Amniotic Fluid Embolism

Amniotic fluid embolism (AFE) is a rare but potentially devastating consequence of maternal trauma. The pathophysiology of why AFE occurs is not completely understood, but it is historically thought to be due to a breach between the maternal and fetal placental barrier (abruptio placentae) allowing amniotic fluid to enter the maternal circulation.52 No definitive method of confirming an AFE exists, but an AFE should be suspected or considered clinically if there is a sudden and unexplainable development of maternal hypotension and hypoxemia, particularly in the setting of disseminated intravascular coagulation or multiorgan failure. The treatment for an AFE is supportive care, and delivery should be considered in the setting of trauma.52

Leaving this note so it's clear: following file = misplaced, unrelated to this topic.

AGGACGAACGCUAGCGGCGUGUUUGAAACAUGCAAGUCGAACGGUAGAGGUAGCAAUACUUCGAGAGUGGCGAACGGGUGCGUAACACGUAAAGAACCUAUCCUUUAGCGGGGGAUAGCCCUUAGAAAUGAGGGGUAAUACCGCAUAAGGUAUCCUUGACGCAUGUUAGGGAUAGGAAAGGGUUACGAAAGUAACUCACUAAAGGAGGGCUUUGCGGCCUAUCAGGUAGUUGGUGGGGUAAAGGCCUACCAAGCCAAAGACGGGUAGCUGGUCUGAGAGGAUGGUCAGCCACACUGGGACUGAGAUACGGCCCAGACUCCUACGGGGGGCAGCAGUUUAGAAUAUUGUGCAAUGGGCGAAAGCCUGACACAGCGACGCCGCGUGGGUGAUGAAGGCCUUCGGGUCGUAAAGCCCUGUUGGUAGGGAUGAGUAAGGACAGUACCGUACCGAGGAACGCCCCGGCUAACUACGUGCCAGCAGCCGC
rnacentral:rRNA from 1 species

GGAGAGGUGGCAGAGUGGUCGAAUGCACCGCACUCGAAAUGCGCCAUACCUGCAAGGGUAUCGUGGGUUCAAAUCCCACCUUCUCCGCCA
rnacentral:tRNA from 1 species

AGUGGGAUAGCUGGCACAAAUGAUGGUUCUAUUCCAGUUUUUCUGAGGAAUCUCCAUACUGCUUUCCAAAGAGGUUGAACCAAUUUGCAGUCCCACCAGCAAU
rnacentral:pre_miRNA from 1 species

Usually many health care providers and different specialties are involved in the care of a pregnant trauma patient. Therefore, an integrated and coordinated approach to team management is needed to optimize maternal and fetal outcomes. Effective team-based care requires coordination by a team leader, which should generally be an emergency physician or trauma surgeon.23 This leader needs to ensure prioritization of interventions, closed-loop communication, and ongoing assessment with the other care providers.23 It has been demonstrated that the use of simulation can identify and correct common clinical errors made during emergencies, including obstetric trauma evaluations.53,54 Simulation can help ensure a standardized approach to the interdisciplinary care provided for pregnant trauma patients. Policies should be in place in all health care systems that take care of these patients to ensure there is a standardized approach each time a pregnant trauma victim presents. A checklist may help standardize patient care.55